I began to realize that you need to have a vision, a plan and then find the right mentor to successfully guide your dream, help you navigate it downstream and show you the ropes. There’s a lot of winging it and stumbling and then picking yourself up again in the process. I kept writing. I lived paycheck to paycheck for years, yet I’d write on the side, for me and for an invisible audience of readers that might someday connect with my words. I knew it wouldn’t be easy. But I knew that’s what real success was. It starts with personal leadership. It continues with trying new ideas and failing and learning and growing and changing and trusting. And then doing it all over again.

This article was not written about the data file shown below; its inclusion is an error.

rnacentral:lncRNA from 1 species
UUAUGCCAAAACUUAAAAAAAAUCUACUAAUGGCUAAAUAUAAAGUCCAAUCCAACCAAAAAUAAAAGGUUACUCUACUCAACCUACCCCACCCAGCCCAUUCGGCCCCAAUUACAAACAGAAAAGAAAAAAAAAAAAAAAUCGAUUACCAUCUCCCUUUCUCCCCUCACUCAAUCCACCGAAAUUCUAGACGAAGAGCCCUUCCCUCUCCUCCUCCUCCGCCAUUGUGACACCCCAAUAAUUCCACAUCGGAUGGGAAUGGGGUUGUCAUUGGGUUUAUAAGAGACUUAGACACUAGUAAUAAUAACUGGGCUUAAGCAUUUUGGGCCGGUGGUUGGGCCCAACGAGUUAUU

Today, I enjoy fruits of success that came out of my early learning through risks and failures. Those challenges forced me to see things a different way. I persevered, overcame and discovered how to lead my life using my inner compass in order to achieve my dreams and passions. I’m still learning every day. Now I take these life stories and lessons and share them with others. It’s leadership through learning that puts you on the road to success in your life. And believing in yourself no matter what.
By Courtney A. Walsh
Phone/Text: (442) 273-0073
Email: support@pro-publishing-company (dot) com
Address: Pro Publishing Company, P.O. Box 3406, Vista, CA. 92085 United States
©2010 Pro Publishing Company and Daniel D. Sweet